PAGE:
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Welcome visitors, but protect our interests too

By The Standard | November 16th 2013

The Standard

It could not have gone unnoticed. Its ramifications would be far and wide. But above all, this could be just a tip of the iceberg.

We are referring to the drastic, bold and welcome decision by the State to revoke citizenship of 104 foreigners.

The argument Government put forth is that these foreigners obtained vital documents through fraud and false means.

In essence it implies they greased the palms of some Immigration officers to operate freely in Kenya.

Foreigners are free to apply and get Kenyan citizenship just as we expect the same favour say in European and Asiatic States, as well as America.

But the issue here is not that we are being racist; the targets of extraditions are foreigners who did not follow right channels to obtain citizenship papers.

Some lie about their professional credentials and experience to be given work permits, ostensibly because they have come to do what locals cannot do.

Others lie about this and that business or service they are out to set up in Kenya, with the additional untruth that they have the money, network and means of helping build the Kenyan economy and help create jobs.

That usually is the bait, sweetened with distortions and exaggerations about how they have local partnership and international web of support.

Of course the reason the government has acted is itself suspect. We still need more serious audit of our issuance of citizenship certificates and work permits.

What we were seeing is the usual government’s kneejerk reaction to serious threats to national security.

In this particular case, it was a follow-up to the Westgate Mall tragedy in September.

Apart from Intelligence failure and the drawn-out but erratic rescue mission, questions were raised about how the attackers could have entered Kenya with their deadly heavy weaponry unnoticed.

This particular attack, which was deadlier in terms of brutality and scale, rekindled memories of the 1998 assault on the US embassy in Nairobi, and two years later Kikambala Hotel, at the Coast.

Just like the recent spate of grenade and bomb attacks in parts of Nairobi, Mombasa and Northern Kenya, all linked to Somali’s Al-Shabaab terror cell, the common denominator remains the infiltration of the country and perpetuation of terror by foreigners.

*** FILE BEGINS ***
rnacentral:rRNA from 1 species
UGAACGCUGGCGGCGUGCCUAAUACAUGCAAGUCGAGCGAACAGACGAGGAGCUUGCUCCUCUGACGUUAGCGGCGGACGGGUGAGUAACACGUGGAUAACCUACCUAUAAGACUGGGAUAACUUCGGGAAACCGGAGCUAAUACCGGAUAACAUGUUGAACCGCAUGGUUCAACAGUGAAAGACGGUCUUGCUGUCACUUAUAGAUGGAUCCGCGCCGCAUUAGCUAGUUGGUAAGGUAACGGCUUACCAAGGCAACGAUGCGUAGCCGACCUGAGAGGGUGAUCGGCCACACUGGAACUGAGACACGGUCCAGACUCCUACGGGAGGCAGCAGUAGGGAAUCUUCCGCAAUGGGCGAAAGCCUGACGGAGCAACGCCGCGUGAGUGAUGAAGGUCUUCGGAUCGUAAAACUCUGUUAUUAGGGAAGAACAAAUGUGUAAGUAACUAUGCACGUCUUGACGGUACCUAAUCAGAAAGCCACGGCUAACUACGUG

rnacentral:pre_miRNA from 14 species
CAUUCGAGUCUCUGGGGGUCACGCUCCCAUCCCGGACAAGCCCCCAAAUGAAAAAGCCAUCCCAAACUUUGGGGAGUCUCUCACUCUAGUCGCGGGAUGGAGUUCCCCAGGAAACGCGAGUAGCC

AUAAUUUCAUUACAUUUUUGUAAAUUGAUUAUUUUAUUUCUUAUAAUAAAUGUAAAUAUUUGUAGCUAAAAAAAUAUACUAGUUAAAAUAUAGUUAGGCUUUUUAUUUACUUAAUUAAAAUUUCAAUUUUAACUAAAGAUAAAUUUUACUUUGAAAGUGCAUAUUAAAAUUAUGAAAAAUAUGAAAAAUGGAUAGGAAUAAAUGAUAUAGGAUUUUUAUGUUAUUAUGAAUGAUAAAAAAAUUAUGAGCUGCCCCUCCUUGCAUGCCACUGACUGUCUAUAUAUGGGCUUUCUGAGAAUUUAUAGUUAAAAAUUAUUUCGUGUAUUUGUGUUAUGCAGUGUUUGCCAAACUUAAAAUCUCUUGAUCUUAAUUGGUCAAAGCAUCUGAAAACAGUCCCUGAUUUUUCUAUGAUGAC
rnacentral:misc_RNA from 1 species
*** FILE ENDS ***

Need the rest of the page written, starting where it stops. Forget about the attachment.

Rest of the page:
After the Westgate Mall terror attack, one more thing happened in government as the row between the police and Kenya Defence Forces on who exactly bungled the rescue operation.

This was the sacking of key Immigration staff linked to corrupt issuance of these vital papers to foreigners. The affected staff have, however, gone to court challenging their dismissal.

The point we must make is that, yes it is good to clampdown on those behind this perennial problem, but the process must not be piecemeal, or just meant to assuage the fears of Kenyans. It must be a sustained process.

It must also target those who are in the country without requisite papers, most of them being ‘economic’ refugees, coming to Kenya to do such simple jobs as hawking and cleaning!

Others could be sex tourists or just criminals on the run. But whoever they are, you will find that they pose a social, economic, health and/or security risk to our nation.

To contain this situation, we must extend the cleanup to public servants and police officers, who man border control points, as well as members of the Provincial Administration such as County and Locational chiefs, who often connive to allow foreigners unfettered access to Kenya.

Yes, we must make foreigners as comfortable as possible in Kenya as a strategy to attract foreign investment and expertise, and so that their countries can reciprocate when Kenyans turn up at their doorstep seeking visiting visas, citizenship papers, and even work permits.

We are after all a member of the global family of nations.

But what we can not do is allow this to happen at the expense of Kenyans either in terms of diminishing job opportunities and compromised security.

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